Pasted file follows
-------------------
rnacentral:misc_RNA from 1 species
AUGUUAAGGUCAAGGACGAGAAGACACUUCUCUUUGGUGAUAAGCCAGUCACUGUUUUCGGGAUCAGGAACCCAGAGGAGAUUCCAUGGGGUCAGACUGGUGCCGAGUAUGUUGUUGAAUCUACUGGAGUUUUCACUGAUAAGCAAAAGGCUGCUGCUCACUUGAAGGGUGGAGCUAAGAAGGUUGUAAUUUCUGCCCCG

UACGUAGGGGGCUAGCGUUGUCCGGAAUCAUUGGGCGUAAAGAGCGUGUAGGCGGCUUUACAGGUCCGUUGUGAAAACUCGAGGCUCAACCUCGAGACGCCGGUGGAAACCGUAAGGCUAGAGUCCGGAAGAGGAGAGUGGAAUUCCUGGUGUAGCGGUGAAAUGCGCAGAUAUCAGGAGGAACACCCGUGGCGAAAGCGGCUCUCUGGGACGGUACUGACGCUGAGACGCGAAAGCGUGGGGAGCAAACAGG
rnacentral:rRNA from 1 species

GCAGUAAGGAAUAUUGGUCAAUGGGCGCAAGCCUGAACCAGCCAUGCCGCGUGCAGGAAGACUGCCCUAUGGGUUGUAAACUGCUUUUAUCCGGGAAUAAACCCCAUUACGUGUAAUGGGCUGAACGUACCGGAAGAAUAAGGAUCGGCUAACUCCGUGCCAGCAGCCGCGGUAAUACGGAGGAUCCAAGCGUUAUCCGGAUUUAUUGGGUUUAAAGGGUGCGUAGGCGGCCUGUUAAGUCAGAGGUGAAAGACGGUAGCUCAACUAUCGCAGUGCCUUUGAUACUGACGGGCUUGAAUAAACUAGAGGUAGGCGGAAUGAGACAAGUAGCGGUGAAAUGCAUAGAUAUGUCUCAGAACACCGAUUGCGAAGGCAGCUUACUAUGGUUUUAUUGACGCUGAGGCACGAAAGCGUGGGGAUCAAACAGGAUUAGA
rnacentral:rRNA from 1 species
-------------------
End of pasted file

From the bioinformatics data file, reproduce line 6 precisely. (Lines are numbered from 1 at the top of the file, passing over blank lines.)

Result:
rnacentral:rRNA from 1 species